With the generous support of the Scaife Family Foundation, IRETA is able to conduct this specialized program. The program offers medical students an intensive learning experience about addiction and its treatment far beyond anything they may have encountered in their prior medical school education or clinical rotations.
The application period for the 2022 Scaife Fellowship is now closed. Applicants can expect to hear back regarding decisions in late March.
Please note that due to the ongoing COVID-19 pandemic, the 2022 fellowship will be held virtually.
- Because patients with addiction have historically been neglected and mistreated by the healthcare system, healthcare professionals have an ethical obligation to proactively learn to engage with and care for these patients.
- When people of color, individuals experiencing homelessness, and other marginalized groups are affected by addiction, they have been disproportionately blamed, criminalized, and stigmatized. In response, health professionals should actively work to avoid placing blame, sanction, or stigma on members of marginalized groups with addiction.
- Regardless of whether a patient has a goal of abstinence or any type of recovery, people with addiction deserve accessible, quality healthcare.
- There are complex barriers to recovery on a societal level, and on an individual basis. Healthcare professionals should work to identify and remove these societal and individual barriers to recovery.
- Healthcare professionals with knowledge and skills related to substance use disorder need to act as advocates by working to change attitudes and behaviors of their professional and academic peers.
Frequently Asked Questions
What Does the Program Consist of?
Students who are accepted into the program participate in an intensive learning experience. Their schedules include:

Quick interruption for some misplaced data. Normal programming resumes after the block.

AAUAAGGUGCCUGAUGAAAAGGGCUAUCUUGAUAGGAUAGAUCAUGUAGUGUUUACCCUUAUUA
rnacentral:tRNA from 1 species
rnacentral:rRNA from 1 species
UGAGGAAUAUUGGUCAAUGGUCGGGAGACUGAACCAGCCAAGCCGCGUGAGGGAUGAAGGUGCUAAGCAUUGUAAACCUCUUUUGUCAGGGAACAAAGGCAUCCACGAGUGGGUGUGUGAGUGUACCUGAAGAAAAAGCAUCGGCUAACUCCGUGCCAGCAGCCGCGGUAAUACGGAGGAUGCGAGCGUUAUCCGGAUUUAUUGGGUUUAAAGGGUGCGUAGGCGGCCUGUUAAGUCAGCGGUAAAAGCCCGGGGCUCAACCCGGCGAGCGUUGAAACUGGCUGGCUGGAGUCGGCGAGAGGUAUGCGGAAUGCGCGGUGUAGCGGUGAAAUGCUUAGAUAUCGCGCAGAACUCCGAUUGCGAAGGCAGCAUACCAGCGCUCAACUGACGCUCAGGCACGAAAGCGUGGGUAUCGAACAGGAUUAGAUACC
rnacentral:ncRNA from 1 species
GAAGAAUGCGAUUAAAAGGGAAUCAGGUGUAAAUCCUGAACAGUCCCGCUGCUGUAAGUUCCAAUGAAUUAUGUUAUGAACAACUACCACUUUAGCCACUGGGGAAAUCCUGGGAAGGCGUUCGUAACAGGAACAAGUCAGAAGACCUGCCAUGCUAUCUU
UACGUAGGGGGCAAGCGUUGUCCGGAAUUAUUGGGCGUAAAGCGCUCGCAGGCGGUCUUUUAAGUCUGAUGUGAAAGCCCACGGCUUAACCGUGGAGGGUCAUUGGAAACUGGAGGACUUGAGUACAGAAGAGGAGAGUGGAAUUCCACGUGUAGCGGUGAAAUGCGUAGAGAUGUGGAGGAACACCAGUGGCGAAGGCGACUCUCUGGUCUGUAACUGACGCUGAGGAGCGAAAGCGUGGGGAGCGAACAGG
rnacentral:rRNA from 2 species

- A variety of site visits
- Patient contact
- Group sessions with clients
- Training with standardized patients
- Shadowing with residents and physicians
- Opportunities to present what they have learned
**Some of the above activities will be adjusted for the virtual program due to COVID.**
When is the Fellowship?
There will be two three-week sessions in 2022, during the following dates:
- Session 1: June 6, 2022 – 24, 2022
- Session 2: July 11 – July 29, 2022
Who is Eligible to Apply?
Medical students attending a medical school in the United States will be eligible to participate in this program.
How Many Students will be Accepted?
In order to optimize the clinical experience of the participants, only eight students will be accepted for each session.
What are the Benefits of Participating?
The Scaife Fellowship provides participants with increased knowledge and skills in the following areas:
- Screening for and diagnosing substance use disorders
- Brief motivational interviewing skills
- Adolescent substance use
- Substance use and pregnancy
- Special populations and addiction treatment
- Harm reduction strategies
- Residential/inpatient and outpatient treatment modalities
- Family issues in treatment
- Psychiatric co-morbidity
- Medication-Assisted Treatment (MAT)
- Providing referrals to addiction treatment from medical settings
Is There Financial Compensation for Participating?
Participants will receive a $200 living compensation for the time period they are accepted for the fellowship.
Is This Program Only for Students Who Plan to Specialize in Addiction Medicine or Psychiatry?
No, students interested in all specialties are encouraged to apply. All medical professionals will encounter patients with substance use disorders and therefore need training to work with this population.
If you have any questions, please contact the program director Dr. Dawn Lindsay at firstname.lastname@example.org or call the IRETA main line at 412-258-8565.
Want to Learn More?
IRETA has offered the Scaife Medical Student Fellowship for 20 years, and during that time, we have received a great deal of feedback from former students. Below are excerpts from our departing student focus groups:
I couldn’t believe how much I had learned. I came in with a pretty decent baseline of knowledge from what I did in med school, but I’m still so happy with what I got on top of that.
The diverse opportunities to interact with patients really helped open my eyes and enhanced my desire to learn.
I have a better understanding of the addiction treatment system.
Still Want to Learn More?
Take a look at our blog for posts from former students and a summary of our longitudinal evaluation of the program, which was published in the journal Substance Abuse.